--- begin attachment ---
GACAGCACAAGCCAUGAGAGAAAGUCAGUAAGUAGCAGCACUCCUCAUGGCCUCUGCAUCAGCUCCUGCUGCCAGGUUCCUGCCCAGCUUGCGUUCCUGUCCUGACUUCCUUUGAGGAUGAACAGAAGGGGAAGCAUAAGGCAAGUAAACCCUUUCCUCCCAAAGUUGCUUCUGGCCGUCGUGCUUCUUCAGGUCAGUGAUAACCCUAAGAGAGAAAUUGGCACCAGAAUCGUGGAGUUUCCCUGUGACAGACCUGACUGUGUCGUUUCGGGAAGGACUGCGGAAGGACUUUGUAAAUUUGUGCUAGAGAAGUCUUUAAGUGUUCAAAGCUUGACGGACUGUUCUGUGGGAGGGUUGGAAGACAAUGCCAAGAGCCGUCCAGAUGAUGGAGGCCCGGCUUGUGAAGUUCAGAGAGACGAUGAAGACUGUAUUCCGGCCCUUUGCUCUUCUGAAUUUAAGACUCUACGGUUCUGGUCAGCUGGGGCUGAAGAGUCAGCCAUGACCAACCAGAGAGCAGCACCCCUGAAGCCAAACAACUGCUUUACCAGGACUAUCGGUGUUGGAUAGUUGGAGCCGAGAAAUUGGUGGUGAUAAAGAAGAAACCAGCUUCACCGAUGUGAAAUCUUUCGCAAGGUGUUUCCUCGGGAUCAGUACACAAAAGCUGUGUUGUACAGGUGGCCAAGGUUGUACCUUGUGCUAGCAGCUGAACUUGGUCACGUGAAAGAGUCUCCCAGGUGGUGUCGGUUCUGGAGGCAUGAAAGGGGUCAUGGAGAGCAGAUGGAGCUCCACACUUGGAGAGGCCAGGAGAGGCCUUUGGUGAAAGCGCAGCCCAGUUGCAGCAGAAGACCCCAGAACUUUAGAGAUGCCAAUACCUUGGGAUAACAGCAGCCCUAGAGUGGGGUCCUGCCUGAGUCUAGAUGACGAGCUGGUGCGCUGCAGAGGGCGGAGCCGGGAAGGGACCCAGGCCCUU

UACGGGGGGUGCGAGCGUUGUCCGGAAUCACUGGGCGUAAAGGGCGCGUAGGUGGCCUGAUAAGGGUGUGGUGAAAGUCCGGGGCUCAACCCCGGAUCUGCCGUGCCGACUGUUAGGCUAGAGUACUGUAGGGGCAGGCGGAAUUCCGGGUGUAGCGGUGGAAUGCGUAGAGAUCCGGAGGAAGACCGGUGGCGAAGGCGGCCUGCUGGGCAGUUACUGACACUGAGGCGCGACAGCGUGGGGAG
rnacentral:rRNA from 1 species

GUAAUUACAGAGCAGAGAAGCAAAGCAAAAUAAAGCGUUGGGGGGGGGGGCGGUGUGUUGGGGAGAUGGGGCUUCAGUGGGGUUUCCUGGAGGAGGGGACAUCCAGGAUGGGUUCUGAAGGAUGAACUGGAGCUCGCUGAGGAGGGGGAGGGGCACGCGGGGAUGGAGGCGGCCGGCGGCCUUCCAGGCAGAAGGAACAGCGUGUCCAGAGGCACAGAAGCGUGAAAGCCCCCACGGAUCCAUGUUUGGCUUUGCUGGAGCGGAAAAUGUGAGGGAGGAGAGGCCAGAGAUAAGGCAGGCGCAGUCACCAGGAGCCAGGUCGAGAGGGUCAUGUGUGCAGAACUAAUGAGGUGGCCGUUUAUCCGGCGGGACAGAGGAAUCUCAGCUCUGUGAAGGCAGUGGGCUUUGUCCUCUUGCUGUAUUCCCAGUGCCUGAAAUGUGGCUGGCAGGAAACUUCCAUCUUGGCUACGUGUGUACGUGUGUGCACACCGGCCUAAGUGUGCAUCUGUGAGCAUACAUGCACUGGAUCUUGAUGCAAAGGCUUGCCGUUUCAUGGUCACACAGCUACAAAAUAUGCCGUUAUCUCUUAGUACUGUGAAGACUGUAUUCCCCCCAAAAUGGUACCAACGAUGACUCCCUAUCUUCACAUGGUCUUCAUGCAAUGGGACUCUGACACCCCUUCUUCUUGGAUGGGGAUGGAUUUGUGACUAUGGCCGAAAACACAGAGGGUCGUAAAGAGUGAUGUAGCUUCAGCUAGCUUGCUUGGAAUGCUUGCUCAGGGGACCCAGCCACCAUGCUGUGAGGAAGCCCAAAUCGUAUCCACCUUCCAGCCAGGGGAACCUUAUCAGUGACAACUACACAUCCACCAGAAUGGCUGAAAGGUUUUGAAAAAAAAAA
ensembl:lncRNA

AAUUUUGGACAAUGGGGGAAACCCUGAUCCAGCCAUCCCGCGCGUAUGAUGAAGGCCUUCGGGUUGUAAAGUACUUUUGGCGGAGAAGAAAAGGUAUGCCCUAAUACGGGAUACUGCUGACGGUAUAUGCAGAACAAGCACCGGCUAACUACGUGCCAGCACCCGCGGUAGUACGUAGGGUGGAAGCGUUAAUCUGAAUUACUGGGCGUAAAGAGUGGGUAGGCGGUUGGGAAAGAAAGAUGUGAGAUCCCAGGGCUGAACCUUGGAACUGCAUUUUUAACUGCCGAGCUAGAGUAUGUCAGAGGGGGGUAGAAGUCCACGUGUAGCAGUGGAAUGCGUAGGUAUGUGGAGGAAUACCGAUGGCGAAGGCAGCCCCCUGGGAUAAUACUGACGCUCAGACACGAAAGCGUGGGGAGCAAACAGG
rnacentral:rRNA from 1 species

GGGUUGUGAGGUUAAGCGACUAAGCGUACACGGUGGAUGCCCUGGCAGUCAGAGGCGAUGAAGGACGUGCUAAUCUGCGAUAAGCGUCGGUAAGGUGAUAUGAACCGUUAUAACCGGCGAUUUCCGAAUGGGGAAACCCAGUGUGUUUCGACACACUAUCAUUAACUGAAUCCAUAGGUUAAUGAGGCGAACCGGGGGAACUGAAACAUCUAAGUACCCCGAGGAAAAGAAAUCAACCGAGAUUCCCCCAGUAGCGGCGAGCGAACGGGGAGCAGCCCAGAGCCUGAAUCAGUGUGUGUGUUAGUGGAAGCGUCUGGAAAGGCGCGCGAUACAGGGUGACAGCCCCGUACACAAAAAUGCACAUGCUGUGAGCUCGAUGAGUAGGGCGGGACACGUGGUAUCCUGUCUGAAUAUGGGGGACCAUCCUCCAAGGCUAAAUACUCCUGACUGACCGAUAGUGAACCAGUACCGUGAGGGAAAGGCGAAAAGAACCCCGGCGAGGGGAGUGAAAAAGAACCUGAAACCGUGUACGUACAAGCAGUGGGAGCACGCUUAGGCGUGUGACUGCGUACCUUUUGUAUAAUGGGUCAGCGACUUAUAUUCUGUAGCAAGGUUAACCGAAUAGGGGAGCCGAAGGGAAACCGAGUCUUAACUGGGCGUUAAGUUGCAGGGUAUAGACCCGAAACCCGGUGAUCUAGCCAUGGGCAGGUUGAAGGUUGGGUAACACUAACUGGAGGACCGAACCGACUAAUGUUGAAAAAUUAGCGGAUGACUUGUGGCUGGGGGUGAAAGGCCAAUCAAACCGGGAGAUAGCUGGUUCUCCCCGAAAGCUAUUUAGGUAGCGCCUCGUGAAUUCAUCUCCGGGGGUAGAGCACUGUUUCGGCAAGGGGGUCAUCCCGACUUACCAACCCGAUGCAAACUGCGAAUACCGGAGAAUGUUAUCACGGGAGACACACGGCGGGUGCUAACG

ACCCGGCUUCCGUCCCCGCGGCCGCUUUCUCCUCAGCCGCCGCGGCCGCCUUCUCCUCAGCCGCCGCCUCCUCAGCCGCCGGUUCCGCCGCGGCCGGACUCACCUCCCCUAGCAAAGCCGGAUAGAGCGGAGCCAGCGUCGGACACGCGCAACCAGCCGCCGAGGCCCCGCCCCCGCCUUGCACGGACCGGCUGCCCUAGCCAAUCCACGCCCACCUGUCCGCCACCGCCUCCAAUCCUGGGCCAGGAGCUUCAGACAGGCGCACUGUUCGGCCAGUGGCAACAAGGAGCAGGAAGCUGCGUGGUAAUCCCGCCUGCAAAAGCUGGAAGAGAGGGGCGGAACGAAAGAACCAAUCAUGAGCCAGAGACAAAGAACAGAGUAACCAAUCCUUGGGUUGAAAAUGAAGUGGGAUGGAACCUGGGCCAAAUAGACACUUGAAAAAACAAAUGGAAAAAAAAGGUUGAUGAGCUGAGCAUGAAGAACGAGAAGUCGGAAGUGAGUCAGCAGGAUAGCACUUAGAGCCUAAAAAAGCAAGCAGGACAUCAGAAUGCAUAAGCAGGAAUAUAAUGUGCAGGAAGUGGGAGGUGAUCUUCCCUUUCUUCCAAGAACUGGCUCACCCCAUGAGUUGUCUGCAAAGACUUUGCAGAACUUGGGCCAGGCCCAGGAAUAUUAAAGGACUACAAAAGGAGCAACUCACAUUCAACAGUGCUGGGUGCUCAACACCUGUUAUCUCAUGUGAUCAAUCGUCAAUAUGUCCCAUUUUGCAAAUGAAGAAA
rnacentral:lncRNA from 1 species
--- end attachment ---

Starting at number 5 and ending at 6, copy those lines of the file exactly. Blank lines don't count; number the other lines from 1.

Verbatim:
ensembl:lncRNA

AAUUUUGGACAAUGGGGGAAACCCUGAUCCAGCCAUCCCGCGCGUAUGAUGAAGGCCUUCGGGUUGUAAAGUACUUUUGGCGGAGAAGAAAAGGUAUGCCCUAAUACGGGAUACUGCUGACGGUAUAUGCAGAACAAGCACCGGCUAACUACGUGCCAGCACCCGCGGUAGUACGUAGGGUGGAAGCGUUAAUCUGAAUUACUGGGCGUAAAGAGUGGGUAGGCGGUUGGGAAAGAAAGAUGUGAGAUCCCAGGGCUGAACCUUGGAACUGCAUUUUUAACUGCCGAGCUAGAGUAUGUCAGAGGGGGGUAGAAGUCCACGUGUAGCAGUGGAAUGCGUAGGUAUGUGGAGGAAUACCGAUGGCGAAGGCAGCCCCCUGGGAUAAUACUGACGCUCAGACACGAAAGCGUGGGGAGCAAACAGG